A bumpy millennial relationship
Rome’s history runs parallel to that of the river that flows through it, ever since the legendary founding of the city: it was the Tiber perhaps in flood, 28 centuries ago, that carried the basket of Romulus and Remus to the spot where they were found by the she-wolf, at the base of the Palatine Hill. But in the relationship between the Romans and their river, love was never the only feature. It provided a wide range of benefits, no doubts about it, but it was also capricious, irascible and vengeful like any true deity, and as such it could not fail to arouse a certain guarded distrust, even a holy terror. For the repeated floods, first of all, which for more than two thousand years caused sometimes immeasurable damage to the city, exacting a heavy toll of blood and bringing with it, along with the stagnant water, a trail of disease and pestilence.
Huc Tiber ascendit
That is, so far the Tiber has risen. When fear gives way to amazement, it is only natural to want to hand down to posterity the exceptional nature of an event, to rewrite the record book. And so, sometimes half-hidden on the walls of churches, in the courtyards of buildings and on street corners, walking in the lowest parts of the city we will come across a large number of old plaques, made of marble or stone, that tell us about the unpredictability of the waters and their violence. More than 120 plaques, most of them preserved, were hung up to the 1930 to commemorate the floods: the simplest ones show only the flood’s month and year while in the most elaborate ones the waters are represented by wavy lines, with a stylized little hand indicating the actual level of the flooding on the wall. The oldest stone record of a flood dates back to 1180 and is engraved on a marble column, now in the Museum of Rome in Palazzo Braschi. Also no longer in its original location is the plaque in Gothic characters currently under a small arch at one end of Arco dei Banchi, once walled on the façade of the church of St Celso e Giuliano, close to Ponte Sant’Angelo: it recalls the flood of November 1277, the year in which floods began to be indicated with reliable and historically verifiable data.
The first plaque that still correctly reports the level reached by flood waters refers to the November 1422 flood and is located on the façade of Santa Maria sopra Minerva. It is in good company because the church, located in one of the lowest areas of the city where the water reached considerable heights, also preserves the memory of the floods of the years 1495, 1530, 1598 and 1870. Between the 15th and 18th centuries, the most devastating one was probably the Christmas flood of 1598, when the floodwaters reached a level of 19.56 meters at Ripetta, a record unsurpassed, submerging the columns of the Pantheon by as much as six meters and causing thousands of deaths. Nine mills were destroyed by the Tiber’s current, which even dragged away the corpses in the tombs of Santa Maria dell’Anima and swallowed three of the six arches of the ancient pons Aemilius, known at the time as Ponte Senatorio and from that day on renamed Ponte Rotto, the Broken Bridge. The damages were such that 12 plaques recall that day, for example at the entrance to Piazza del Popolo, on Via Santa Maria de’ Calderari and on the Lungotevere in Sassia. A further original testimony to the catastrophic flood is the Fountain of the Barcaccia: it is said that Bernini’s source of inspiration was a wreck of a barge dragged on that occasion by the flooding river as far as Piazza di Spagna.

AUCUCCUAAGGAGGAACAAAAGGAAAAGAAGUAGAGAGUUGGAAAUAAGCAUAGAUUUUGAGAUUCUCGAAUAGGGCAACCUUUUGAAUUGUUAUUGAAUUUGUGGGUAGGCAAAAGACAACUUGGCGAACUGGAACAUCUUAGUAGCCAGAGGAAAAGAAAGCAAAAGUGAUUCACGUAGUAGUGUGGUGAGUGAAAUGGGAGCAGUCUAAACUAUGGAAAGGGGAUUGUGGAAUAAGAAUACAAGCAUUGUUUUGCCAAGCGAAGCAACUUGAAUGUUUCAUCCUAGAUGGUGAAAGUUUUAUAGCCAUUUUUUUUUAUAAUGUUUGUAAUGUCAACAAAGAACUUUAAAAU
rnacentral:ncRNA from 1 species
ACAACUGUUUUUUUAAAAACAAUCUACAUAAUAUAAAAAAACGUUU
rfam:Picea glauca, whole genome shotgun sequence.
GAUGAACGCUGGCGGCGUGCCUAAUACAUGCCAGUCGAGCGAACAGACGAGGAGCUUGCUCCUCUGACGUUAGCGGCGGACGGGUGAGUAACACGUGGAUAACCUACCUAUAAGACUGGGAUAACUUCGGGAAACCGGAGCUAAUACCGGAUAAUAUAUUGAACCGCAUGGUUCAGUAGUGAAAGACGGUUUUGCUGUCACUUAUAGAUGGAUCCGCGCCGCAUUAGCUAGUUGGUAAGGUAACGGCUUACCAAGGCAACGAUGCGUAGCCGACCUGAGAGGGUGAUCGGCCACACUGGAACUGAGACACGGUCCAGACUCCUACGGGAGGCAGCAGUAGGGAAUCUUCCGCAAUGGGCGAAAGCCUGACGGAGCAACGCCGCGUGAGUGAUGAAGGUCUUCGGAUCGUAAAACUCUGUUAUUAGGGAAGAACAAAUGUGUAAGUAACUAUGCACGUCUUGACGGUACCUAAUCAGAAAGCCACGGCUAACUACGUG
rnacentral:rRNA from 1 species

The last roars
The last great floods date back to the 19th century. Plaques in Via dell’Arancio and Via Canova take us back to the 1805 flood, when the river invaded city areas from Ripetta to the Corso, reaching Piazza Navona, the Lungara and the Ghetto. The water also exceeded 16 meters in height on 10 December 1846, as evidenced by the plaque in the underground cemetery of the church of Santa Maria dell’Orazione e Morte on Via Giulia. The most tragic flood, however, was surely the one on 26-29 December 1870, three months after the breach of Porta Pia, when the waters exceeded 17 meters. The violence of the river, attested by some forty simple plaques, the victims and the damage made such an impression that King Victor Emmanuel II came to Rome for the first time and was prompted to adopt remedial measures. Based on a design by Raffaele Canevari, it was thus decided to build high retaining walls: finally finished in 1926, the so-called “muraglioni” walls put an end to the continuous and periodic danger, however, radically altering the entire Tiber environment and destroying unique landscapes and environments such as the ports of Ripetta and Ripa Grande. The last plaque is in the portico of San Bartolomeo all’Isola, decorated with a simple horizontal line and dating back to December 1937: the new walls contained the current and the waters caused only modest flooding.